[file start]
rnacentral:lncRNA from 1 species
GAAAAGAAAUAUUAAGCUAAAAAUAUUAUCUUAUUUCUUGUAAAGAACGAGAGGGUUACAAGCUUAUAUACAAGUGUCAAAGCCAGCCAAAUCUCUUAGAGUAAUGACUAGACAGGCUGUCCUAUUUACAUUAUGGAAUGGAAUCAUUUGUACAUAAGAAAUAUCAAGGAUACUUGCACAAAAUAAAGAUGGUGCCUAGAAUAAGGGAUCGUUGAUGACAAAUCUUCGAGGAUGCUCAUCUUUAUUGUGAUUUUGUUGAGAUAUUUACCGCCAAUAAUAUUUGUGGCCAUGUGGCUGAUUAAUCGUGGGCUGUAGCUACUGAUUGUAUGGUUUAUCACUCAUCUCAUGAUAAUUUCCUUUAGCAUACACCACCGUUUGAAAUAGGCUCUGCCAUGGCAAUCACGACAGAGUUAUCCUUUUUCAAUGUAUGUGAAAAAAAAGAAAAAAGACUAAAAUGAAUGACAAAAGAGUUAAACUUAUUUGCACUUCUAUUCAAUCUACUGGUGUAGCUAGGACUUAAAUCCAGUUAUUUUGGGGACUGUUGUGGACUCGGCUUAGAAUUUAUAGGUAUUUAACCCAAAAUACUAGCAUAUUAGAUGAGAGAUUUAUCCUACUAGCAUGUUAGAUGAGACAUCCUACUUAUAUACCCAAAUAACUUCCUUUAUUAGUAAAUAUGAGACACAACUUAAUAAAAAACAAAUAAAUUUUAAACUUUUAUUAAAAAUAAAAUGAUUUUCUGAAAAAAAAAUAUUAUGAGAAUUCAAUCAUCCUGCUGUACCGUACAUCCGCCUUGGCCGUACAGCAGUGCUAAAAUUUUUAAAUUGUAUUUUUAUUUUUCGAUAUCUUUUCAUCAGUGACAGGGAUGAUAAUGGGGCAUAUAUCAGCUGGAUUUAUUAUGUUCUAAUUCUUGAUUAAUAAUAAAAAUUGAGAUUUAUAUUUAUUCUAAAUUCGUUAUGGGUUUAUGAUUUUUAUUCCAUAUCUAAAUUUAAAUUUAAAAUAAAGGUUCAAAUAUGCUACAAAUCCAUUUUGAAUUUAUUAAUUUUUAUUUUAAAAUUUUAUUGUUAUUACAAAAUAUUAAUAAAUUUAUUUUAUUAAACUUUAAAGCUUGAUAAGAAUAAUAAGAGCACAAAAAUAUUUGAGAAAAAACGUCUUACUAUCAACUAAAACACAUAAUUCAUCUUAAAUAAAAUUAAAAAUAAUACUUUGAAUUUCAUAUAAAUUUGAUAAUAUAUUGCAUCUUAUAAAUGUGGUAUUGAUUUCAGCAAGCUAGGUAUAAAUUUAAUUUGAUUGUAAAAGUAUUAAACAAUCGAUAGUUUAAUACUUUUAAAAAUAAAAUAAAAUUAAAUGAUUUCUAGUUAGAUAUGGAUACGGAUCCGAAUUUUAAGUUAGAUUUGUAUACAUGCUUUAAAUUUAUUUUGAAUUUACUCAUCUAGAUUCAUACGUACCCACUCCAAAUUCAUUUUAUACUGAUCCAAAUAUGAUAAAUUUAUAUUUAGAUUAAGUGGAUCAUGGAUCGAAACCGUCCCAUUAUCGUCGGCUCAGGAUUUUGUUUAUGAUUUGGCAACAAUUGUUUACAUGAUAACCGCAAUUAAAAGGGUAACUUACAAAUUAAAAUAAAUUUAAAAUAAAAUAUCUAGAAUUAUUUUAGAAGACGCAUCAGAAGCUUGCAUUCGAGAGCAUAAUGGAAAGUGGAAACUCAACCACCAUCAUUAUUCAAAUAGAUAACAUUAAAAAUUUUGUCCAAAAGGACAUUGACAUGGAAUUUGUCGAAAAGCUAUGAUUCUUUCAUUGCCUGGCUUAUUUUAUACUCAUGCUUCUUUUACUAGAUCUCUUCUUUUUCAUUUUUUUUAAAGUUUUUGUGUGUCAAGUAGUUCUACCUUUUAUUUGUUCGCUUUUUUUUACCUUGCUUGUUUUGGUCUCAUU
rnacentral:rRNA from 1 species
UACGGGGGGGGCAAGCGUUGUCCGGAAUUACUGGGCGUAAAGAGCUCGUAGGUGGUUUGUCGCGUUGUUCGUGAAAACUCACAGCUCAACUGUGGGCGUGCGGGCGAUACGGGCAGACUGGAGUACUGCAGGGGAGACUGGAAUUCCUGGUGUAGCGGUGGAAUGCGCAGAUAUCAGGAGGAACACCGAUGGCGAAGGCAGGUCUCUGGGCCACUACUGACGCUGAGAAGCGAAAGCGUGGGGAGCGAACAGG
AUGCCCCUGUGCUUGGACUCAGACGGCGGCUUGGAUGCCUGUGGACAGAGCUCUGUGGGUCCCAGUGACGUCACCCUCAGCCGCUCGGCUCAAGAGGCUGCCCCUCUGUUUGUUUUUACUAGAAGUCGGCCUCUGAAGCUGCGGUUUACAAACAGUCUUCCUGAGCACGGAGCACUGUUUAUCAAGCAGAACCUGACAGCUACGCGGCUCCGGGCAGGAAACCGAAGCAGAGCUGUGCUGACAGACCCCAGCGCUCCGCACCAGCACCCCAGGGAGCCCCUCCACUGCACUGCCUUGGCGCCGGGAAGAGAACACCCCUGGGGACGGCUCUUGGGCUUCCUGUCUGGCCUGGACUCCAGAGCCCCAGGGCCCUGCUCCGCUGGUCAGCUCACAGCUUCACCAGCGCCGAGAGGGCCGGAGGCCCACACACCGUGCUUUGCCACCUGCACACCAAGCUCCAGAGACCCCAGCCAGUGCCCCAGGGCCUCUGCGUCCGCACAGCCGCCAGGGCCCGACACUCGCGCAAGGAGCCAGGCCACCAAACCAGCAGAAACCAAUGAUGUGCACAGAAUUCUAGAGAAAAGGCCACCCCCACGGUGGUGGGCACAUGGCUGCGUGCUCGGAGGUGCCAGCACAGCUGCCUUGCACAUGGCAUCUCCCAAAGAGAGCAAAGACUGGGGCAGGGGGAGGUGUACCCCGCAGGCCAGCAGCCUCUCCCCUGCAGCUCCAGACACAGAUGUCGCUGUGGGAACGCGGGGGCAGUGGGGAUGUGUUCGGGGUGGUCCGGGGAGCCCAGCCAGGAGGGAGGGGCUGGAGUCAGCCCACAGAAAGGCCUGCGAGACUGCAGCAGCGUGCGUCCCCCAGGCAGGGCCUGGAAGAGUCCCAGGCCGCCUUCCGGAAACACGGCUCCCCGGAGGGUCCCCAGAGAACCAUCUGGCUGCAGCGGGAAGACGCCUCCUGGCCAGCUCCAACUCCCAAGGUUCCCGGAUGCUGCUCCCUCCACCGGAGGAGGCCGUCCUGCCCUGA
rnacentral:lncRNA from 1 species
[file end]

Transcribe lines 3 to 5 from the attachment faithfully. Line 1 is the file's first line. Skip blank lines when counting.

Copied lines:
rnacentral:rRNA from 1 species
UACGGGGGGGGCAAGCGUUGUCCGGAAUUACUGGGCGUAAAGAGCUCGUAGGUGGUUUGUCGCGUUGUUCGUGAAAACUCACAGCUCAACUGUGGGCGUGCGGGCGAUACGGGCAGACUGGAGUACUGCAGGGGAGACUGGAAUUCCUGGUGUAGCGGUGGAAUGCGCAGAUAUCAGGAGGAACACCGAUGGCGAAGGCAGGUCUCUGGGCCACUACUGACGCUGAGAAGCGAAAGCGUGGGGAGCGAACAGG
AUGCCCCUGUGCUUGGACUCAGACGGCGGCUUGGAUGCCUGUGGACAGAGCUCUGUGGGUCCCAGUGACGUCACCCUCAGCCGCUCGGCUCAAGAGGCUGCCCCUCUGUUUGUUUUUACUAGAAGUCGGCCUCUGAAGCUGCGGUUUACAAACAGUCUUCCUGAGCACGGAGCACUGUUUAUCAAGCAGAACCUGACAGCUACGCGGCUCCGGGCAGGAAACCGAAGCAGAGCUGUGCUGACAGACCCCAGCGCUCCGCACCAGCACCCCAGGGAGCCCCUCCACUGCACUGCCUUGGCGCCGGGAAGAGAACACCCCUGGGGACGGCUCUUGGGCUUCCUGUCUGGCCUGGACUCCAGAGCCCCAGGGCCCUGCUCCGCUGGUCAGCUCACAGCUUCACCAGCGCCGAGAGGGCCGGAGGCCCACACACCGUGCUUUGCCACCUGCACACCAAGCUCCAGAGACCCCAGCCAGUGCCCCAGGGCCUCUGCGUCCGCACAGCCGCCAGGGCCCGACACUCGCGCAAGGAGCCAGGCCACCAAACCAGCAGAAACCAAUGAUGUGCACAGAAUUCUAGAGAAAAGGCCACCCCCACGGUGGUGGGCACAUGGCUGCGUGCUCGGAGGUGCCAGCACAGCUGCCUUGCACAUGGCAUCUCCCAAAGAGAGCAAAGACUGGGGCAGGGGGAGGUGUACCCCGCAGGCCAGCAGCCUCUCCCCUGCAGCUCCAGACACAGAUGUCGCUGUGGGAACGCGGGGGCAGUGGGGAUGUGUUCGGGGUGGUCCGGGGAGCCCAGCCAGGAGGGAGGGGCUGGAGUCAGCCCACAGAAAGGCCUGCGAGACUGCAGCAGCGUGCGUCCCCCAGGCAGGGCCUGGAAGAGUCCCAGGCCGCCUUCCGGAAACACGGCUCCCCGGAGGGUCCCCAGAGAACCAUCUGGCUGCAGCGGGAAGACGCCUCCUGGCCAGCUCCAACUCCCAAGGUUCCCGGAUGCUGCUCCCUCCACCGGAGGAGGCCGUCCUGCCCUGA